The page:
The organization also undertook extensive scenic analysis and made recommendations to communities in California’s Central Valley, which sparked local actions on billboard control, redesign and beautification of community gateways, and more sensitive siting of some buildings. She initiated an active technical assistance publications program to help guide community planning and focused on growing and sustaining Scenic America’s affiliate program.

Since departing Scenic America, Meg has kept up her commitment to community activism and scenic conservation, tackling related projects in her adopted hometown of Washington, DC. In 2000, while still at Scenic America, she took up the fight against huge wall signs in DC. Later, she worked with the Committee of 100 on the Federal City to challenge digital billboards, eventually bringing the story about the unethical tactics of the outdoor advertising industry to a journalist who followed the money and exposed the misdeeds of a high-profile council member who was forced to resign. 

“Digital billboard proliferation can’t go unchecked, especially in our nation’s capital,” she says. “We need to educate city planners and regulators about the intolerable impacts of these monstrosities on neighborhoods in our cities. Too many still don’t get it.”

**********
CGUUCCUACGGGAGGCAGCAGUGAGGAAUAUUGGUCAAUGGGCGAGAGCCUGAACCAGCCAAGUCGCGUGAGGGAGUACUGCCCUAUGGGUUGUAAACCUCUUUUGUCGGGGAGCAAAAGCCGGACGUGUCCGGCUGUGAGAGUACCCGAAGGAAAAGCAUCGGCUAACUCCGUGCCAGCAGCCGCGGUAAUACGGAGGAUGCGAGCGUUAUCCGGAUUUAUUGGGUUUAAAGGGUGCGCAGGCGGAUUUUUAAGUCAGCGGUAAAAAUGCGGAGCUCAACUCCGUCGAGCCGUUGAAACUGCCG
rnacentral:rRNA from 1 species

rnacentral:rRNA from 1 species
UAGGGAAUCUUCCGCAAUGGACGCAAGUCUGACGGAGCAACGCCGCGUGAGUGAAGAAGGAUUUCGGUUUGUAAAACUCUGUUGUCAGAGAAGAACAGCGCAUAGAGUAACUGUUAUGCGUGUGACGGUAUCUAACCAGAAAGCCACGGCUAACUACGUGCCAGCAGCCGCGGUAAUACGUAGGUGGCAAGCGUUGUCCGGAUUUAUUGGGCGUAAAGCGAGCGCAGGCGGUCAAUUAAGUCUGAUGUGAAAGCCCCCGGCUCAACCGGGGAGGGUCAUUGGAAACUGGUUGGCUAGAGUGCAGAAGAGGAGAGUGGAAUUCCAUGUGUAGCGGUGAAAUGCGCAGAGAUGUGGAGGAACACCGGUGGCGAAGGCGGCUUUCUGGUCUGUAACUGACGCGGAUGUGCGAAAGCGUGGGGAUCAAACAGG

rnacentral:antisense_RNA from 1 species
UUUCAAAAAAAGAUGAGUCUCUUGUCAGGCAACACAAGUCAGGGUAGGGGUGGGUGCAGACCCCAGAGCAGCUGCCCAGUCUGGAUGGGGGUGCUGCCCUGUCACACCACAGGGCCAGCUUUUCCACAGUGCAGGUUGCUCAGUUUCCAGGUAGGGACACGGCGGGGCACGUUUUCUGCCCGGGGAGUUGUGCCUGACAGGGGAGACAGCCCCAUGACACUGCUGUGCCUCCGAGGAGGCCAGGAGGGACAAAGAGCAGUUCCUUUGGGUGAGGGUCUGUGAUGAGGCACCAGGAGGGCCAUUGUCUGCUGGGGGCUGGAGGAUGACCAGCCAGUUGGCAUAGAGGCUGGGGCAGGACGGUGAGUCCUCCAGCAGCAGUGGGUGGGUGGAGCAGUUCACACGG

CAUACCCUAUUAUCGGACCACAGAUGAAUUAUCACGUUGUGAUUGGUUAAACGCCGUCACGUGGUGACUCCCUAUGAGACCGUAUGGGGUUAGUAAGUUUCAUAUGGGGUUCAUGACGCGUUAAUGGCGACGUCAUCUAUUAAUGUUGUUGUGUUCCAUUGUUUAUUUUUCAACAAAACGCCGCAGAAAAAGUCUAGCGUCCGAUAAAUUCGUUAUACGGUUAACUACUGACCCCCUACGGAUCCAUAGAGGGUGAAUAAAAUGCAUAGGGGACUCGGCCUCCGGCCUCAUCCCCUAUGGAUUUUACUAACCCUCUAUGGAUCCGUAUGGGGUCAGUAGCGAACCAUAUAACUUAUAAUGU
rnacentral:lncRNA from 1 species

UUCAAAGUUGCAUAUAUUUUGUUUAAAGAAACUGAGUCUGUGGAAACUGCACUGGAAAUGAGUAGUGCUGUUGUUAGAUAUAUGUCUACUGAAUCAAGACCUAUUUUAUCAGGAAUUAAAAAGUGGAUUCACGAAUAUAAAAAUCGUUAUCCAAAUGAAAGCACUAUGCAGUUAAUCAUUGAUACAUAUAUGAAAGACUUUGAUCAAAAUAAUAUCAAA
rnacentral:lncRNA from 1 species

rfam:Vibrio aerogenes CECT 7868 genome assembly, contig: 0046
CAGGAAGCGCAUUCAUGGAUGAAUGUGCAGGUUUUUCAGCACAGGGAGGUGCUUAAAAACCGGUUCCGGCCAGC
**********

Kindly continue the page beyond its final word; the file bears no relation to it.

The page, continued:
Beyond battling billboards, Meg plays an active role in other DC community issues, such as affordable housing. She became involved with a local grassroots organization, Empower DC, to advocate for substantial changes in the city’s comprehensive plan to ensure greater racial and economic equity. Building on this work, she joined forces with Ward 3 Housing Justice to form a new nonprofit, NW Opportunity Partners Community Development Corporation, to advocate for the development of affordable housing and economic development in the most affluent area of the city.

An active member of the First Congregational United Church of Christ of Washington, DC, she served for eight years as the chair of its Site Development Task Force to build a new mixed-use church building at 10th and G Sts. NW in downtown DC. Meg is currently helping to lead the National Sanctuary Memorial to Enslaved Black Laborers, a long-term effort to create a citywide system of memorials in each ward with an anchoring site on the National Mall to honor the enslaved people who built much of the city and the Native Americans who originally owned the land.

It’s a pursuit that brings together her passion for racial justice, her interest in place, and her experience in bringing projects to life.

In contemplating the work ahead, she explains, “My mind wants to construct a to-do matrix. But working with the artists envisioning this space, I don’t need to be in control but instead can become part of the creative process.”